Salt Lake Tribune’s Pulitzer Party: Celebrating Works of Fiction

(Chris Detrick | The Salt Lake Tribune) Retired BYU professor Richard Isakson has collected early editions of all 88 Pulitzer Prize-winning novels and displays them in his home in Provo.

(Chris Detrick | The Salt Lake Tribune) Retired BYU professor Richard Isakson has collected early editions of all 88 Pulitzer Prize-winning novels and displays them in his home in Provo.

To commemorate Pulitzer Prize-winning fiction as the prestigious awards turn 100 this year, The Salt Lake Tribune held a “Pulitzer Party” on Thursday, April 28th at Weller Book Works in Trolley Square.

The Tribune’s Jennifer Napier-Pearce spoke with notable readers about why they love their favorite Pulitzer novels. Catherine Weller, co-owner of Weller Book Works, introduced us to this year’s fiction winner, “The Sympathizer: A Novel,” by Viet Thanh Nguyen. We’ll also award one of our guests an ultimate “reading kit.”

This event is part of The Tribune’s year-long celebration of the centennial, supported by a Pulitzer Prizes Centennial Campfires Initiative grant to Utah Humanities, The Tribune, Utah Public Radio and KCPW. Speakers at the event were:

• Mette Ivie Harrison, author of young-adult books “The Princess and the Hound” and “Mira, Mirror” and a mystery for adults, “The Bishop’s Wife.” She’ll speak about “All the Light We Cannot See,” the 2015 winner by Boise author Anthony Doerr.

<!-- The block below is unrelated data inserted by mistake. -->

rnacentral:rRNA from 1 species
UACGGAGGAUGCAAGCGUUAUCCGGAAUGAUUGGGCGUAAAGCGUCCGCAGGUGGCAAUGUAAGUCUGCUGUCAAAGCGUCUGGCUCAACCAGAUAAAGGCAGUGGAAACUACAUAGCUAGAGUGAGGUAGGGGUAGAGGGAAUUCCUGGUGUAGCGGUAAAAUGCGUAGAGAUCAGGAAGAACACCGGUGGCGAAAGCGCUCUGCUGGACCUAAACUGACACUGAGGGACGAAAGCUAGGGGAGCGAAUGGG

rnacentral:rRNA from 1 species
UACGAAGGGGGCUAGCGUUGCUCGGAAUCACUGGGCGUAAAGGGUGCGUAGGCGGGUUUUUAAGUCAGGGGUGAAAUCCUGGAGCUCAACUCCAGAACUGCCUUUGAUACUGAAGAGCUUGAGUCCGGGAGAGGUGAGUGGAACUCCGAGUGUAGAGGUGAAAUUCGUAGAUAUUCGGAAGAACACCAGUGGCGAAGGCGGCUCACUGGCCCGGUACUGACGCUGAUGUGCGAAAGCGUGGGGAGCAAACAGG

• Stephen Trimble, who has published 22 books about the American West as a writer, editor and photographer, teaches writing at the University of Utah’s Honors College. He discussed “Lonesome Dove” by Larry McMurtry.

• Richard Isakson, a retired Brigham Young University professor, had read all the Pulitzer-winning novels before this year’s winner was announced in April. He explained why “His Family,” the 1918 winner by Ernest Poole, is one of his favorites. Read his story here.

• Erika George, a University of Utah law professor who is co-director of the school’s Center for Global Justice, highlighted “The Brief Wondrous Life of Oscar Wao,” by Junot Diaz.

• Becky Jo Gesteland, an English professor at Weber State University with an interest in women’s autobiographical writing and American Studies, talked about “March” by Geraldine Brooks.

• Tribune arts writer Ellen Fagg Weist featured “Angle of Repose” by Wallace Stegner, who graduated from the U. and became an acclaimed Western writer and conservationist. Read her recent take on Pulitzer readers here.

The Pulitzer Prizes Centennial Campfires Initiative is a joint venture of the Pulitzer Prizes Board and the Federation of State Humanities Council in celebration of the 2016 centennial of the Prizes.

The initiative seeks to illuminate the impact of journalism and the humanities on American life today, to imagine their future and to inspire new generations to consider the values represented by the body of Pulitzer Prize-winning work.

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